Entire family: Yes, but . . .
2016, 97 min., Color
Rated PG-13 for thematic elements and brief strong language
Aspect ratio: 2.40:1
Featured audio: DTS-HDMA 5.1
Bonus features: C+
Includes: Blu-ray, Digital HD UltraViolet
A feel-good movie about death?
Sounds crazy, but that’s what Collateral Beauty tries to be. It’s a message film that wants audiences to appreciate the beautiful moments that can accompany a death—whether it’s a final shared conversation, an act of generosity, or a small kindness that helps someone cope.
If you’re no big fan of message films . . . or contrived plots . . . or melodramas where you know the whole point of a film is to make viewers feel something, then you probably won’t care too much for this 2016 drama starring Will Smith. And if you are a fan, you won’t appreciate that most viewers will be able to see the plot twists coming long before the turn.
Smith plays Howard, a New York ad agency exec who shows up for work every day but is no longer engaged in day-to-day operations. He’s not retired—he’s grieving. He lost a six-year-old daughter to cancer, and now all he feels like doing is stacking elaborate domino structures in his office. He wanders through each day numb with pain and at one point rides his bicycle fast as he can against traffic on a one-way street.
Now here’s the biggest plot contrivance: Unable to participate in a therapy group for parents who have lost children, Howard writes letters to three abstract concepts and puts them in the mailbox. Dear Death . . . Dear Time . . . Dear Love . . . .
It’s a film about “threes,” as there are three of his associates who are begging him to snap out of it before they lose all of the accounts he personally landed: Whit (Edward Norton), the partner who built the company with him; Claire (Kate Winslet), one of the firm’s top account executives; and Simon (Michael Peña), another top account exec. Each of those people has problems of his/her own, of course, and the deus ex machina that sets everything right—or as right as anything can ever be again, when death is involved—is the trio’s plan to enlist three actors to play those abstract concepts and confront Howard. At first their intentions seem sympathetic—maybe it will shock him back to reality?—but then it’s clear that they put money ahead of feelings. They hope to film Howard losing it as he talks to these abstractions, and thereby take a page from Miracle on 34th Street and commit poor Howard to an institution.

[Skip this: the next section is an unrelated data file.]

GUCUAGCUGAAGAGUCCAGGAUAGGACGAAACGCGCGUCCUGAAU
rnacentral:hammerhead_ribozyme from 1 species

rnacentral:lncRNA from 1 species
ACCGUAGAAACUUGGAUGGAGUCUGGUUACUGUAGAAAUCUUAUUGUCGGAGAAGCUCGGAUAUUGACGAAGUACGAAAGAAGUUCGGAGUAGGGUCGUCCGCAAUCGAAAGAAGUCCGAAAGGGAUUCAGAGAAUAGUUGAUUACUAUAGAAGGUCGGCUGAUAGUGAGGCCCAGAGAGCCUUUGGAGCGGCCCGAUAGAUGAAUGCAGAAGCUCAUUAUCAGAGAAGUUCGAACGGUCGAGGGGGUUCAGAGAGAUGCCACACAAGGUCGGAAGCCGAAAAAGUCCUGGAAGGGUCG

That’s the whole plot, right there, and the character development you get is just as contrived because plot drives this narrative, not characters. People are just along for the ride—but that won’t matter to viewers who like “big picture” movies and crave answers as much as Howard does. And the performances are decent. Helen Mirren is only slightly heavy-handed as Brigitte, an actress-director of a local theater company who accepts a deal to play Death, Time, and Love in exchange for funding their newest production. She is the oldest and so she volunteers to be Death. Amy (Keira Knightley) plays love, while Raffi (Jacob Latimore) takes on the role of Time.
As the three actors confront Howard, he has extended conversations with them, but those conversations are frankly less interesting than a sideplot involving grief support group leader Madeline (Naomie Harris), who tells those in her group that have lost children that the pain will never go away. Yet, they can learn how to deal with it. That kind of honesty feels refreshing, especially when everything else about this film feels so artificial.
A Warner Bros. summary of the film says that it’s not until Howard’s letters to Death, Time, and Love “bring unexpected personal responses that he begins to understand how these constants interlock in a life fully lived, and how even the deepest loss can reveal moments of meaning and beauty.” That sounds a little tidier and a lot more ontologically satisfying than the film really is. You aren’t going to learn the meaning of life by watching this film, or even the meaning of death. Religion doesn’t even enter into the equation. In fact, I was wondering, as I watched, how the film would be received by people who are religious, or who are facing death themselves, or grieving like Howard, or still far removed from death’s ravages. Collateral Beauty was released in mid-December, and almost every scene has holiday decorations in it—so many that you can’t escape the implication. It’s a different kind of holiday film, for those who feel alone in the world, or who need even the slightest package of positives to unwrap. But be warned: Collateral Beauty is the kind of film that can affect people in profoundly different ways, and I’m guessing that not all of them will be beautiful.
Language: Scattered minor swearwords and one F-bomb uttered, appropriately, on the F Train
Sex: Nothing really, except an implied affair
Adult situations: The whole concept is and the implied metaphysical argument is adult, so much so that I can’t imagine children getting into it
Takeaway: Playing Death, Time, and Love isn’t easy, but it’s still easier than making a film about those three abstract concepts